Dull knives that only fray vegetables spoil all the fun of cooking. To sharpen knives, there are different methods. Which is better, sharpening steel or whetstone, and what other alternatives there are, you will learn in detail in this article.
What you absolutely have to pay attention to: Sharpening steels are not always the same, but can be very different. This concerns:
- the effect
- the hardness
- the coating
- the material removal
A straightening sharpening steel is only suitable for very sharp, hard and cutting knives to maintain their sharpness. If a knife is already dull, it is not suitable. With cutting sharpening steels, you should definitely keep an eye on the material removal: they come in coarse or fine, with pulls and special coatings. Depending on this, their effect can be very different.
Grinding stones also come in different types, though it’s very easy to tell the difference by looking at the grit size. 1,000 grits are common for sharpening, while a 3,000 grit provides that “extra polish” for the blade. Professionals also refer to 1,000 grit as a “repair grind.” The material plays a lesser role, although there are subtle differences between materials (such as corundum and ceramic). The decisive factor, however, is always the grit size.
Basically, one can assume that with a (new) sharpening steel, the material removal is brutal. This is even more true for sapphire or diamond coated surfaces. This does not agree with every knife, especially high-quality European kitchen knives can suffer from the radical treatment.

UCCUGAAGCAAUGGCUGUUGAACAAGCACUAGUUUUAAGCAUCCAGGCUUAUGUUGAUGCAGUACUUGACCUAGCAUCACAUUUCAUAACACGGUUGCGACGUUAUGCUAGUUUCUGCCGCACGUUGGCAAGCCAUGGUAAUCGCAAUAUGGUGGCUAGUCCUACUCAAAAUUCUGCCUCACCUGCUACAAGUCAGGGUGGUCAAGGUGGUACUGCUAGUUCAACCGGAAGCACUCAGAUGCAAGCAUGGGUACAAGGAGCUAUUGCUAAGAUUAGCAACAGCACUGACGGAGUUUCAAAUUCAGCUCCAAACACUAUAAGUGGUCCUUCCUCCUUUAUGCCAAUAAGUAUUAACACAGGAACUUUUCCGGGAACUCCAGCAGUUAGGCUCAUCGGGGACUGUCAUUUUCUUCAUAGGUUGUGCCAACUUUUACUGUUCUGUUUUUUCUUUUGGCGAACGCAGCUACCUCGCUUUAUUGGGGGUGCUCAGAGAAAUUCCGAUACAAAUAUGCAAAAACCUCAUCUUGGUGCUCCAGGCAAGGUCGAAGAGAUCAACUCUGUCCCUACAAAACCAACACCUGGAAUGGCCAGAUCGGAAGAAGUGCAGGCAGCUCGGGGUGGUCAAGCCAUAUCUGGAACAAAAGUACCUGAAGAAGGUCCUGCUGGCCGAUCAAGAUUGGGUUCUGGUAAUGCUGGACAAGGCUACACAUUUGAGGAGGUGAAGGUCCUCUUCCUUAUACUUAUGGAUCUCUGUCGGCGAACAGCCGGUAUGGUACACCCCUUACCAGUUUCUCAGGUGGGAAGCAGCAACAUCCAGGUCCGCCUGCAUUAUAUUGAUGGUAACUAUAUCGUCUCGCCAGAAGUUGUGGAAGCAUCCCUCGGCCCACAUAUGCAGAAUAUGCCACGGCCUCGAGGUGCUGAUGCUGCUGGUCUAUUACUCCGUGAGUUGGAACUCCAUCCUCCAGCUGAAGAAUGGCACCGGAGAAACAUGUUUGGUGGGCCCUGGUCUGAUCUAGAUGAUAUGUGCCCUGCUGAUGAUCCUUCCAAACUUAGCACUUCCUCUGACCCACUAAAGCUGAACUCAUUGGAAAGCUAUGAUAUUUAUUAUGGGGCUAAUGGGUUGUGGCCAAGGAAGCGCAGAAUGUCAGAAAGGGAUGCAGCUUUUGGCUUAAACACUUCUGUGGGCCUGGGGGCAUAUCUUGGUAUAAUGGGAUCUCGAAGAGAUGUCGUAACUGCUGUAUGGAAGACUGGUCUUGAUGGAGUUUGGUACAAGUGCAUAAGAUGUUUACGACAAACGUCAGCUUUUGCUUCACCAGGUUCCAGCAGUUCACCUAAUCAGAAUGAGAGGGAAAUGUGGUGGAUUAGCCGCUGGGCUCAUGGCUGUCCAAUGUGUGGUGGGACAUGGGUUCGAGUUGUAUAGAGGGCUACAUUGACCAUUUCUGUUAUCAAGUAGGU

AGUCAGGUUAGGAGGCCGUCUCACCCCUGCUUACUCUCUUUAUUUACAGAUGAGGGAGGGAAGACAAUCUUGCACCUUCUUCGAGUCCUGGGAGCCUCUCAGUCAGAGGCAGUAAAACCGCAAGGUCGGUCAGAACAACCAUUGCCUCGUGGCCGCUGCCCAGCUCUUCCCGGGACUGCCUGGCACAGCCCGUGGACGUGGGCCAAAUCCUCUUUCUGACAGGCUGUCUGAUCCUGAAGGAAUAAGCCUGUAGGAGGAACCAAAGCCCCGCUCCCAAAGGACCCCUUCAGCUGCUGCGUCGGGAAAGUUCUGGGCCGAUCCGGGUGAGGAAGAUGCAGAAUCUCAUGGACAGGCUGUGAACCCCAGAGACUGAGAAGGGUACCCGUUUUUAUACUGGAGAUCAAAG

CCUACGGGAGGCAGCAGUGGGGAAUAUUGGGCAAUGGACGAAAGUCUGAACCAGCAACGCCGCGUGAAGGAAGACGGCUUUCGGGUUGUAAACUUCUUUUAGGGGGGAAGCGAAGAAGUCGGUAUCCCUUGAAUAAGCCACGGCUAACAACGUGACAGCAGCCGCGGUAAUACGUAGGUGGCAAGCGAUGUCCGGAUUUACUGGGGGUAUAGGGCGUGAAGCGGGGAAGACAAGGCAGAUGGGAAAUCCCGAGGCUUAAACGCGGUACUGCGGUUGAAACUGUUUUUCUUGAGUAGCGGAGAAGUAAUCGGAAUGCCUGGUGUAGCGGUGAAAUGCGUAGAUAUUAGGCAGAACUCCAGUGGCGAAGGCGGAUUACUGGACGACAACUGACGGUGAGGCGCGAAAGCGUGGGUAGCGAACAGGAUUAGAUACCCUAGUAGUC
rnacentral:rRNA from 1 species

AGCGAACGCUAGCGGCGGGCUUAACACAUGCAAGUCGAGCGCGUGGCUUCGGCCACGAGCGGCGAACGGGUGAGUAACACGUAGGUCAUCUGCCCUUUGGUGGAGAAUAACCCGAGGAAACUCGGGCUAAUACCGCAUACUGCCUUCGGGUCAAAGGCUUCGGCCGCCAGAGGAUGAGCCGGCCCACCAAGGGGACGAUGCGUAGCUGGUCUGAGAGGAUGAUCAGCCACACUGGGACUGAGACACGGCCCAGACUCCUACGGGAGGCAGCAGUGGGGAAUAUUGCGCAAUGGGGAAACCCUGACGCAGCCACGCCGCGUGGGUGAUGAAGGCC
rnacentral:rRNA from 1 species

With particularly hard knives – such as Japanese kitchen knives from actual Japanese production – you should never sharpen with sharpening steels. They can often be even harder than the sharpening steel. Japanese knife steels are famous for their massive hardness and delicate edge.
For this, sharpening steels very quickly establish a certain basic sharpness for very dull knives. However, the roughness on the blade that results from this process compromises the result and usually damages the knife in the long run.
With whetstones, the material removal is much gentler. They also ensure a very smooth blade, but grinding very dull knives requires some patience. On the other hand, it is also suitable for very delicate knives and – especially when using the 3,000 grit – results in a very high level of sharpness on the knife.
It is always important to grind at the right angle – about 15° to the whetstone. For the inexperienced, there are also sharpening aids that hold the knife at the correct angle. High-quality whetstones are significantly more expensive than sharpening steels, prices of 30 – 70 pounds are not uncommon.
Knife sharpeners are almost always inferior to both – sharpening steels and whetstones anyway. Only a few products in the high price segment come close to the performance of a good sharpening steel.